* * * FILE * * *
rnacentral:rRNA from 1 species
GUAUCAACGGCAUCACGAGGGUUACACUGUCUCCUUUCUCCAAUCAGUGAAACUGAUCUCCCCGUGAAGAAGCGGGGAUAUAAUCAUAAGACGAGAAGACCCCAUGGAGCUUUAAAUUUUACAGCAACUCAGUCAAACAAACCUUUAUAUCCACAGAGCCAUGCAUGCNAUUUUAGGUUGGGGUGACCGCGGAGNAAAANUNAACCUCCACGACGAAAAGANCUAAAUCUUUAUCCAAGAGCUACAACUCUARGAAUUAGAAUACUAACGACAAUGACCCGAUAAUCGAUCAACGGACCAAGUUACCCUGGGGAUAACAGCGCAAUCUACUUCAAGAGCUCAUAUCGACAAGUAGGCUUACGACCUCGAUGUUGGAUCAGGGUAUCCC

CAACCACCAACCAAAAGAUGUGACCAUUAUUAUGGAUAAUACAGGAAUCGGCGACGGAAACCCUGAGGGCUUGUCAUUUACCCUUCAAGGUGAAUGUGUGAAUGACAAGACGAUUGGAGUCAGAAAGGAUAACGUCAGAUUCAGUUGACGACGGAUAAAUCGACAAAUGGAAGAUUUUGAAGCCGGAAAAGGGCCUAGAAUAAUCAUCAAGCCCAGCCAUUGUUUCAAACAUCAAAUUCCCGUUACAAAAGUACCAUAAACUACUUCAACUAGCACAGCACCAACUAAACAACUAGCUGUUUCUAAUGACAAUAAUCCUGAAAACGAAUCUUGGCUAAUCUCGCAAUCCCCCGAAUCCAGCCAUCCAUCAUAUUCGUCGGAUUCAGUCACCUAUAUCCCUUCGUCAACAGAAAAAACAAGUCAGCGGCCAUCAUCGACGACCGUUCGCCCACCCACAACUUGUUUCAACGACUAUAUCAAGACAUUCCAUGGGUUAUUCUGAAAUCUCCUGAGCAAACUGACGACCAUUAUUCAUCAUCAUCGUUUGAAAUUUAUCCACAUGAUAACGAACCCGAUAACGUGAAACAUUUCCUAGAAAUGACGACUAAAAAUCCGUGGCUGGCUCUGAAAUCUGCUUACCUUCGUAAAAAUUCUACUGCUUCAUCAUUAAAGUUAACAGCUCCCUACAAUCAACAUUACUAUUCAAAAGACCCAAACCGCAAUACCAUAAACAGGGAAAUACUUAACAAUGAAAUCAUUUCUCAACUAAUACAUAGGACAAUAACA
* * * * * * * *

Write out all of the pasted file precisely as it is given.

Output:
rnacentral:rRNA from 1 species
GUAUCAACGGCAUCACGAGGGUUACACUGUCUCCUUUCUCCAAUCAGUGAAACUGAUCUCCCCGUGAAGAAGCGGGGAUAUAAUCAUAAGACGAGAAGACCCCAUGGAGCUUUAAAUUUUACAGCAACUCAGUCAAACAAACCUUUAUAUCCACAGAGCCAUGCAUGCNAUUUUAGGUUGGGGUGACCGCGGAGNAAAANUNAACCUCCACGACGAAAAGANCUAAAUCUUUAUCCAAGAGCUACAACUCUARGAAUUAGAAUACUAACGACAAUGACCCGAUAAUCGAUCAACGGACCAAGUUACCCUGGGGAUAACAGCGCAAUCUACUUCAAGAGCUCAUAUCGACAAGUAGGCUUACGACCUCGAUGUUGGAUCAGGGUAUCCC

CAACCACCAACCAAAAGAUGUGACCAUUAUUAUGGAUAAUACAGGAAUCGGCGACGGAAACCCUGAGGGCUUGUCAUUUACCCUUCAAGGUGAAUGUGUGAAUGACAAGACGAUUGGAGUCAGAAAGGAUAACGUCAGAUUCAGUUGACGACGGAUAAAUCGACAAAUGGAAGAUUUUGAAGCCGGAAAAGGGCCUAGAAUAAUCAUCAAGCCCAGCCAUUGUUUCAAACAUCAAAUUCCCGUUACAAAAGUACCAUAAACUACUUCAACUAGCACAGCACCAACUAAACAACUAGCUGUUUCUAAUGACAAUAAUCCUGAAAACGAAUCUUGGCUAAUCUCGCAAUCCCCCGAAUCCAGCCAUCCAUCAUAUUCGUCGGAUUCAGUCACCUAUAUCCCUUCGUCAACAGAAAAAACAAGUCAGCGGCCAUCAUCGACGACCGUUCGCCCACCCACAACUUGUUUCAACGACUAUAUCAAGACAUUCCAUGGGUUAUUCUGAAAUCUCCUGAGCAAACUGACGACCAUUAUUCAUCAUCAUCGUUUGAAAUUUAUCCACAUGAUAACGAACCCGAUAACGUGAAACAUUUCCUAGAAAUGACGACUAAAAAUCCGUGGCUGGCUCUGAAAUCUGCUUACCUUCGUAAAAAUUCUACUGCUUCAUCAUUAAAGUUAACAGCUCCCUACAAUCAACAUUACUAUUCAAAAGACCCAAACCGCAAUACCAUAAACAGGGAAAUACUUAACAAUGAAAUCAUUUCUCAACUAAUACAUAGGACAAUAACA